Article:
Arranging for Guitar: Guantanamera - "Joseito" Fernandez
However, the real classic version seems to be this original version, which Joseito played on Cuban radio.
There seems to be more than a little confusion over the provenance of this song, and the "official" lyrics are actually written by Jose Marti. You can read the whole story at the Wikipedia entry.
In any case, the music I found is of a solo piano arrangement by, of all people, Pete Seeger. I can't post it because it's still under copyright, but a Google search will reveal it to you, though it's way out of the top results, so you'll need some determination.
The only solo guitar version of this I found on YouTube is by Edgar Cruz, an acquaintance of mine - his brother Mark and I were in the same graduating class at Texas State when we got our Master of Music degrees - but Edgar takes more of a Flamenco/Rumba approach to it.
Well, I don't play that Flamenco strumming style at all, so I wanted to stay true to myself and try to get Seeger's piano version onto the guitar as much as possible, but in a key that would work well for my instrument, and with a little of what I remember of my favorite versions from years past.
The piano music was in D major, and I thought of a drop-D version, but I already have Eu So Quero Um Xodo in drop-D, and I really need a crowd pleaser in E major, which works for the guitar as well, so that's what I did.
Here's the MIDI to m4a (AAC) version I made in iTunes: Guantanamera
Our four measure introduction is just a comp figure of parallel thirds with a bass line underneath. Seeger seemed unable to transcend his inner white guy, and so the syncopations I added at the end of measures one and three are not in his version. I thought that sounded hopelessly square, so I added those.
This is an interesting song, for one reason, because it starts with a chorus, and not a verse. I tried to add as much of the background as I could - which I incorporated into the bass line - to keep the groove going, and I think it came out quite nicely, though there are some tricky moves at the end of measure six. What you have to do when you write difficult things, is to ask yourself, is the musical payoff worth the effort? I'm not entirely sure yet, and won't be until I, you know, actually learn how to play it. So, this is very much a v1.0: I only did this arrangement a couple of nights ago.
I wanted the chorus dark and brooding, so it is in a low register, and I have the seconds there at the end, which is an effect I really, really like. The anticipatory syncopations are again something I added to get a cooler, more Latin feel. For the verse that starts at thirteen, however, I moved the melody up an octave from where it is in the piano version, which allows me to put the B, C-sharp, D lick in the middle, which you often hear in the background singing, or other instruments in the various arrangements. The eighth note thirds I have in fourteen, sixteen, eighteen, and twenty were quarter notes in Seeger's version, but again, that didn't sound authentically Cuban/Latin to me, so I went with the eighths.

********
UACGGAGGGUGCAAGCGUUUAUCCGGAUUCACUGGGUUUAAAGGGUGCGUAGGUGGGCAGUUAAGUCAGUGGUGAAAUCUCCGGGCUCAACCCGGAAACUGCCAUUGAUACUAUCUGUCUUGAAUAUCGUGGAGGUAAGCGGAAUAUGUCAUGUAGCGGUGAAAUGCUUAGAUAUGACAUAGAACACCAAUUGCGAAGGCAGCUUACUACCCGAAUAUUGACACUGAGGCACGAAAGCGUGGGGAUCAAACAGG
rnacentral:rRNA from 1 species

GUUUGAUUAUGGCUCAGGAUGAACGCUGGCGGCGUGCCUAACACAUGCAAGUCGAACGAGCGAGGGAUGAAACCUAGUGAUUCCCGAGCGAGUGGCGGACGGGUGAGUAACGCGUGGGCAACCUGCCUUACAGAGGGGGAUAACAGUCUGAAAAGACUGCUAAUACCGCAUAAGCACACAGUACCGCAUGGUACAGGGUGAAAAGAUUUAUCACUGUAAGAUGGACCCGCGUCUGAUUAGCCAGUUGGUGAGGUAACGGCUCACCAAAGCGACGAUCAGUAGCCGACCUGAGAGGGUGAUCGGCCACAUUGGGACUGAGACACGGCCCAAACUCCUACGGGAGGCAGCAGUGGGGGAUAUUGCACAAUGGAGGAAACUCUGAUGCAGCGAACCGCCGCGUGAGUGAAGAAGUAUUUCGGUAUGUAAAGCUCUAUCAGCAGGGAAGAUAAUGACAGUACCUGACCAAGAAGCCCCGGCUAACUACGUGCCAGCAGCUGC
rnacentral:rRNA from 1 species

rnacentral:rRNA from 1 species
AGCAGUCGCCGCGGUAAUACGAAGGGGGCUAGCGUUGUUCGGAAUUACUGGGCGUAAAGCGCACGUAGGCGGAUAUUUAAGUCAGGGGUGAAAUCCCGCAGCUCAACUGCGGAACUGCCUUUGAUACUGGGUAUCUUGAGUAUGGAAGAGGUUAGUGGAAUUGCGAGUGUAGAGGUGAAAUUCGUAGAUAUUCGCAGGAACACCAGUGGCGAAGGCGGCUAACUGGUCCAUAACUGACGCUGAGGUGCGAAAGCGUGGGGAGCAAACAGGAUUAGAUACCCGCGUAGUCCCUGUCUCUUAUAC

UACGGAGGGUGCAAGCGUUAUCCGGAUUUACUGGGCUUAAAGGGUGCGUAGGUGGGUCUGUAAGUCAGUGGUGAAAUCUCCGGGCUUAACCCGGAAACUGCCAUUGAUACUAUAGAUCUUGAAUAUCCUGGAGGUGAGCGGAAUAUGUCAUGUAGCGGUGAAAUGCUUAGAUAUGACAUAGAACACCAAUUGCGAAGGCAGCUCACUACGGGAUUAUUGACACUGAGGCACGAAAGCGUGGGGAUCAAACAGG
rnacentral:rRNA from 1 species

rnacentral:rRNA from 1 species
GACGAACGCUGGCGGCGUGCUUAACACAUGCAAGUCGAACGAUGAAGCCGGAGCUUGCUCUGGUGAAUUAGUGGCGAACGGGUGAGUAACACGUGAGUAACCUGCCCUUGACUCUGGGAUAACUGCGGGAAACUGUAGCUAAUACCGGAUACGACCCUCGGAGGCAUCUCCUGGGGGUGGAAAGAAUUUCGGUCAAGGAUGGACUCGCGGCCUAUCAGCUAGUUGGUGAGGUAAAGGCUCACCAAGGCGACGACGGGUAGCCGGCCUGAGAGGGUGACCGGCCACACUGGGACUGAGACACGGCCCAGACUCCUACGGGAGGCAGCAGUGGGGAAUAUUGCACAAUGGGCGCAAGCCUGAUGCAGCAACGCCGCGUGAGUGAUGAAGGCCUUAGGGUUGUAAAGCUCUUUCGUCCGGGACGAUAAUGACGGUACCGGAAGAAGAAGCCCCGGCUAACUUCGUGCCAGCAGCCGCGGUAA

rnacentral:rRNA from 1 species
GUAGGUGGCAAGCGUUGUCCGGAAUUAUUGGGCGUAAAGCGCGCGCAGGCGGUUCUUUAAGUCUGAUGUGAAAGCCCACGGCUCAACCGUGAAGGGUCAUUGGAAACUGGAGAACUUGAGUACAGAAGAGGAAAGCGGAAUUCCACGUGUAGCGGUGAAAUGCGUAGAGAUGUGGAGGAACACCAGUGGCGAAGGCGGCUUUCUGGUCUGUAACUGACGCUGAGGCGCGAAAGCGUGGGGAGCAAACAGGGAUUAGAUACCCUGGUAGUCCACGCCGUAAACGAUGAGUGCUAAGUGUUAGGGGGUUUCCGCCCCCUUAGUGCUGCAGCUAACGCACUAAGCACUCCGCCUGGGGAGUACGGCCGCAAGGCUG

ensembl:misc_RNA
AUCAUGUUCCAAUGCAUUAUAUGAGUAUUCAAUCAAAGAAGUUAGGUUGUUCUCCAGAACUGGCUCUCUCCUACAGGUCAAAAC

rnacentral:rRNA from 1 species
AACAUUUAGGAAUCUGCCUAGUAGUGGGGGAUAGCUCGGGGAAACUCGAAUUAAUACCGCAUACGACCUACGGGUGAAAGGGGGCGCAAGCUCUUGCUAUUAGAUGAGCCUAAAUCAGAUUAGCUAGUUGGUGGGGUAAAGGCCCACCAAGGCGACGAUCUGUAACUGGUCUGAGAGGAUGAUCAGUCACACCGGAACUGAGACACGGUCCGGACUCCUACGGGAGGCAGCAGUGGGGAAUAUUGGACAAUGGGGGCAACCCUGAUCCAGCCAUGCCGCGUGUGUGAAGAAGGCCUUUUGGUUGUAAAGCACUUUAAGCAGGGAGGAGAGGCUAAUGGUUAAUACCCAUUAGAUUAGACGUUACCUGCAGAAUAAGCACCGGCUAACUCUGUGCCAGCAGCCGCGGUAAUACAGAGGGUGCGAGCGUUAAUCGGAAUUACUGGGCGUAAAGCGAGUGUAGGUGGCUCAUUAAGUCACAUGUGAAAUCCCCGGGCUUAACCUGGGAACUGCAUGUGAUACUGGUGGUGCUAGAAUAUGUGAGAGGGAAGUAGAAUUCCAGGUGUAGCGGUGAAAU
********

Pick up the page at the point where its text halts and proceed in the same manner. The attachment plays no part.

At the last eighth of eighteen is a low F-sharp with a seventh-fret B in the lead. This is a heck of a stretch, and another one of those things I'll have to see about. It sounds cool, but it may not be worth the effort. Keep in mind I want to perform this. LOL!
Another interesting thing about this song is that the verses end with a modified version of the second phrase of the chorus. I had to return to the lower octave with the melody here, and fortunately - much good arranging involves happy accidents - this works excellently. The verse then repeats, and is followed by another full chorus. The Dal Segno takes the piece back to the head of the verse. In performance, I'll skip the repeat the second time through, but there's no way to instruct MIDI to do that (That would be a nifty update for Encore), and I wanted to keep this on two pages for this post. So, just pretend the second repeat isn't there in the m4a.
There are several good ways to end this piece, as listening to any of the good arrangements of it will reveal, but I chose to exit with the opening vamp, since it was only heard at the beginning, and it's really cool and quintessentially Latin. Not sure when I'll get around to this arrangement, as I'm going to start on some G major pieces next week, one of which is an arrangement of Bach's Jesu that I did over two years ago!